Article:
I started out learning initially with a course similar to the MSF course in the United States. It was a college in Toronto that did a three-day course staring with classroom and walking the bikes around and drilling into your head for all time, the importance of shoulder checks and conscientious riding, I would say that has stayed with me and certainly saved me many, many times. When I was sure that I was on a wide-open stretch of road, and did the obligatory shoulder check anywhere, guess what-there was a truck there. Those kind of fundamental things sound kind of boring but I would certainly always address them. Other courses along the way, any opportunity to learn-like I took a racetrack course with the Freddie Spencer school in Las Vegas that absolutely made me a better street rider immediately. As soon as I was riding away from there, I could feel an increase in, not just confidence with the machine, but in perception-being able to perceive things at racetrack speed and process information at racetrack speed.
I always have a personal mantra about riding-if I'm ever startled, I blame myself-that I should never have allowed myself to be in a position where I could be surprised. Of course, the whole idea of scanning and identifying, prediction, decide, execute-that useful acronym, is exactly that. You're always predicting what could happen, and always aware of vehicles around you and what they might do, so that nothing should happen that might be unexpected. You should be so far ahead of it that you just react but you're never in a position, Oh my God, I almost died. If I'm ever in that position, I really get down on myself-how did you let that happen, that error could have cost you your life? Those are things that are more than just experience, I think they start as an attitude. Riding a motorcycle, like many things, didn't come easy to me. One of my motorcycling mentors, Mendelssohn Joe said, "it's always your fault."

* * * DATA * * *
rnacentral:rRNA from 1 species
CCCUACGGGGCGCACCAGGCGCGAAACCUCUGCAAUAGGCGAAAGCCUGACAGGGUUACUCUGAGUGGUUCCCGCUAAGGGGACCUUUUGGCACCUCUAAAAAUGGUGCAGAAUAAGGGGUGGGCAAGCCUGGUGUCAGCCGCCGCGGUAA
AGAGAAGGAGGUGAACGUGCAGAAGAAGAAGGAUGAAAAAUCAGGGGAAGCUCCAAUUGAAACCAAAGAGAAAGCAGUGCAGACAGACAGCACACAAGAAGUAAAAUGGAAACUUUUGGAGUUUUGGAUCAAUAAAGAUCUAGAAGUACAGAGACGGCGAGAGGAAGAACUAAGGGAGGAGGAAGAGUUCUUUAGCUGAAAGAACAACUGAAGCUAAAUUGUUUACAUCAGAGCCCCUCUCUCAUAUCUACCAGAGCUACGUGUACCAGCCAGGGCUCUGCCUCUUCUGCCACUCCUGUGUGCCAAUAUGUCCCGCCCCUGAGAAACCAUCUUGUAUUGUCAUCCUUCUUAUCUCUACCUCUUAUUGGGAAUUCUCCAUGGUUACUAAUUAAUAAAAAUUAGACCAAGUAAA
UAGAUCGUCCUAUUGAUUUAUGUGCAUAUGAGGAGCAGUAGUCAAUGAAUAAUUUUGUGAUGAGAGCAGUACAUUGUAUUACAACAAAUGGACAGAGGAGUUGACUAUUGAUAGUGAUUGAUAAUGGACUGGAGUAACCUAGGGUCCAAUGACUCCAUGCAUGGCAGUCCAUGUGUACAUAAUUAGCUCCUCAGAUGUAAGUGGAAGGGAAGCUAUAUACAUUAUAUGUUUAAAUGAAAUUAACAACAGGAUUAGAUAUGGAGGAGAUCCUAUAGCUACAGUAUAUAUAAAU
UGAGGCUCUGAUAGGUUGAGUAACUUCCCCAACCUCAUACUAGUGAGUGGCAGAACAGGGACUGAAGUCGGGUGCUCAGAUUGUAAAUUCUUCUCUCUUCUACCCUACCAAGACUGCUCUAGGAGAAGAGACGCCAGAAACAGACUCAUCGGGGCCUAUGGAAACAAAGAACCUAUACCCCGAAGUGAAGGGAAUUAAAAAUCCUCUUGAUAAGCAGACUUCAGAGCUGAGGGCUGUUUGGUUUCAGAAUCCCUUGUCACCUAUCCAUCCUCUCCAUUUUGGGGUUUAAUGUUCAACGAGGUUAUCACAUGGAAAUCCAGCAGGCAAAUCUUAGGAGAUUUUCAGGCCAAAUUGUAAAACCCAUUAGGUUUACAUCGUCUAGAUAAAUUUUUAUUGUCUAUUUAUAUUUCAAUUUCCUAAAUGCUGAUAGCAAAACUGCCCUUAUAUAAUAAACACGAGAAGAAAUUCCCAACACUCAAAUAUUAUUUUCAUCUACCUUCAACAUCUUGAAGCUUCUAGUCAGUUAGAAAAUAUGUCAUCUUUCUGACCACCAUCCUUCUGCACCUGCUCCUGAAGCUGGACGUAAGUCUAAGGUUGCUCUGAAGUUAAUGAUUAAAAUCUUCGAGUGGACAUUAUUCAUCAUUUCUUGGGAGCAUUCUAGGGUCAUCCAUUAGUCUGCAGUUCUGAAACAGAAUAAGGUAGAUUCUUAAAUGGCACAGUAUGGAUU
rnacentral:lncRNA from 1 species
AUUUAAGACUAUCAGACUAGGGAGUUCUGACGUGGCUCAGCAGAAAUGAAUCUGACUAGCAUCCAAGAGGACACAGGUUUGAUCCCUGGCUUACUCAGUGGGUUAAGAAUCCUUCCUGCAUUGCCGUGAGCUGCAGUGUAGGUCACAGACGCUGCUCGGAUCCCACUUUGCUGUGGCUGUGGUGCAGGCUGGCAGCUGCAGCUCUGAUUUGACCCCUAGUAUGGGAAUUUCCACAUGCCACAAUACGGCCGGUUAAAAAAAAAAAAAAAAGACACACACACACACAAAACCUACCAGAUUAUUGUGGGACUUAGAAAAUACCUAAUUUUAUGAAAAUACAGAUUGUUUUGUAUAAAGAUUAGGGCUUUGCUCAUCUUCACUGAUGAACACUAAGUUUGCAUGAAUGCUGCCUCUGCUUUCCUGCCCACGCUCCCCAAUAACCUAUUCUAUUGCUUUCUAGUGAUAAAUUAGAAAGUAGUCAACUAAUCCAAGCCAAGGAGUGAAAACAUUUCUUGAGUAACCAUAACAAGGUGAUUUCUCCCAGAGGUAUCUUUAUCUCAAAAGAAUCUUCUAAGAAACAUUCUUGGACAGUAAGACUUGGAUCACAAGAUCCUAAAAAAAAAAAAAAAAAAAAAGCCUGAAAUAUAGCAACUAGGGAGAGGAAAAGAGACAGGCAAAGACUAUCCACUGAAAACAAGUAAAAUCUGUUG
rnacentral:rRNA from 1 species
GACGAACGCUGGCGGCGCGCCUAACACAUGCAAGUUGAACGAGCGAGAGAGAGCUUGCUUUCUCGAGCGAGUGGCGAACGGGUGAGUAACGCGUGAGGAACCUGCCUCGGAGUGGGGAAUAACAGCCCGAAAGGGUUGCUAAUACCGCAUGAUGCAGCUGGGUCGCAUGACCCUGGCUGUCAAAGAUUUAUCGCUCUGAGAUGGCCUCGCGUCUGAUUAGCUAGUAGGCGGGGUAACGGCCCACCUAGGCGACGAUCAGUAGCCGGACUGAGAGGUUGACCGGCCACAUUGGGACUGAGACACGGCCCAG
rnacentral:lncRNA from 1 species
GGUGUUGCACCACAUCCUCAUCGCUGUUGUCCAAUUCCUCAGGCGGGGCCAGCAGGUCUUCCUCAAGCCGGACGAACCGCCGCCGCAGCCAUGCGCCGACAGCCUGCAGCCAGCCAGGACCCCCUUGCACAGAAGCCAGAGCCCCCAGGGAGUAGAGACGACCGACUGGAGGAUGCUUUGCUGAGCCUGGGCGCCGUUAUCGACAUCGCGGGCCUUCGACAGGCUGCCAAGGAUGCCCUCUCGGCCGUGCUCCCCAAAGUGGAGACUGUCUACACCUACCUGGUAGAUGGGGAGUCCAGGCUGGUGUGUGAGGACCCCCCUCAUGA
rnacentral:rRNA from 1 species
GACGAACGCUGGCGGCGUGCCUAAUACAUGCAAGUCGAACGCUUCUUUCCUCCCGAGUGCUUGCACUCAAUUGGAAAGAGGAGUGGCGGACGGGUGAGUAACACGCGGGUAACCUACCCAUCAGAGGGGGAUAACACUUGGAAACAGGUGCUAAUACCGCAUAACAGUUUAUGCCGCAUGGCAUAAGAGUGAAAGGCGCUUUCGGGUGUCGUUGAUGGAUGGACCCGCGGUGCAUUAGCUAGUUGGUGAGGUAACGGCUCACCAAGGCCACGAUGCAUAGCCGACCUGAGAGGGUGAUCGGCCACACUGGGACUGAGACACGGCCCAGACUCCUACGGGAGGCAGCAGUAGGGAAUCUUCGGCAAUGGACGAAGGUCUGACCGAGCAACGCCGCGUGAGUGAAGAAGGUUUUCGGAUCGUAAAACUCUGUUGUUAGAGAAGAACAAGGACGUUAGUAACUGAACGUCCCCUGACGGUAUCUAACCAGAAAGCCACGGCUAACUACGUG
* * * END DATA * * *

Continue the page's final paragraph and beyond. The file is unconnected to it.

There's one thing I realized in Europe, riding over there...I would love to send every American driver to Europe for two weeks just to learn how to drive-courteously, responsibly, and with some sense of respect. The people over there use turn signals and they have respect for the lane they're in, and there's such a thing as a passing lane in Europe. And I can say in 5,000 miles of riding there, I never encountered one dangerous situation because of another driver or rider. There was just that level of competency about drivers in Europe that was a revelation to me.
What gear do you use (not drums)?
Well, basically, I dress in layers. The fundamental wisdom is having a flexible wardrobe. I have just two leather suits: a summer perforated one that I can work around with layers, and if you get cold, put your rain suit on. And invaluable things, like the electric vest; I discovered early on how that can expand your riding season. Or, for me, where if I had been on the road with the band, it might be November and I'll be in Minnesota. I can't change that. But I can change my wardrobe to suit. So, regardless of the temperature, as long as there's not ice on the road, I'm going to ride.